Sharif’s departure | Pakistan Today

Sharif’s departure

  • And badly needed confidence-building measures

After abject failure of the PTI’s (Pakistan Tehreek-e-Insaf) negotiating committee headed by defence minister Pervez Khattak to break the impasse created as a result of JUI-F’s (Jamiat Ulema-e-Islam Fazl group) protracted dharna at Islamabad, Chaudhry Pervez Elahi has stepped in to negotiate an honourable exit for the Maulana. But the JUI-F chief is not willing to relent unless he has the scalp of the prime minister.

The speaker Punjab Assembly and his cousin Chaudhry Shujaat have an excellent personal rapport with the Maulana. Recently the JUI-F supremo had no hesitation calling upon the duo to inquire about the PML-Q chief’s health at his Lahore residence.

Khan is yet to offer this common courtesy to an important political ally. Such gestures are considered important in our political milieu. But these niceties simply elude the PTI chief.

Pervez Elahi after his several meetings with the Maulana and his secretary general Ghafoor Haidri is optimistic that a solution to the present deadlock will soon be found. The prime minister has also urged his party men not to worry too much as the sit-in issue will be resolved through negotiations.

Of course, resignation of the prime minister is off the table so far as the PTI is concerned. This is the maximalist position of the opposition’s Rahbar committee. But short of that there are other areas where agreement should be sought.

There should be confidence-building measures (CBMs) with the government taking some unilateral steps. For starters personal attacks on Maulana and other opposition stalwarts should be avoided at all costs. This however is easier said than done.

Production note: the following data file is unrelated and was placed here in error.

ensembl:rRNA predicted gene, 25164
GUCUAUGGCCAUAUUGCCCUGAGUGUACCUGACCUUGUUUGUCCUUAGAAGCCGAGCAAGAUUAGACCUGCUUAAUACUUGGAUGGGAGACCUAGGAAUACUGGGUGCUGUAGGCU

Khan’s ‘chor chor’ (crooks and thieves) ad nuaseam narrative against the opposition has lost its efficacy. Law of diminishing returns has quite obviously set in.

There are enough ‘chors’ in the ruling alliance to deprive the prime minister of any moral high ground on this count. The only difference is that they are enjoying fruits of power while most ‘chors’ in the opposition are in the slammer

There are enough ‘chors’ in the ruling alliance to deprive the prime minister of any moral high ground on this count. The only difference is that they are enjoying fruits of power while most ‘chors’ in the opposition are in the slammer.

It takes two to tango. The opposition also has to lower its decibels while attacking the opposition. Nonetheless the ruling party has more to lose in a vitiated political atmosphere.

There was room for some optimism when the prime minister the other day instructed his parliamentary party to fully participate in the upcoming National Assembly session. He also vowed to take apart in the proceedings himself.

But it proved too good to be true. At the very start of the session on Thursday the government bulldozed eleven ordinances within half an hour without any discussion. The partisan deputy speaker Qasim Suri suspended the question hour in favour of a 25-point order of the day.

The opposition now wants the deputy speakers’ scalp. He is already under cloud with his seat restored by the apex court after he was disqualified by the ECP (election commission of Pakistan) on charges of massive rigging.

Similarly, the same day, the Upper House witnessed ugly scenes with some hot-blooded firebrand PTI stalwarts making personal attacks on PPP chairperson Bilawal Bhutto Zardari.

The government has reportedly agreed to form a judicial commission to probe alleged rigging in the 2018 elections. Similarly, it has been decided to revive the dormant parliamentary committee on electoral reforms.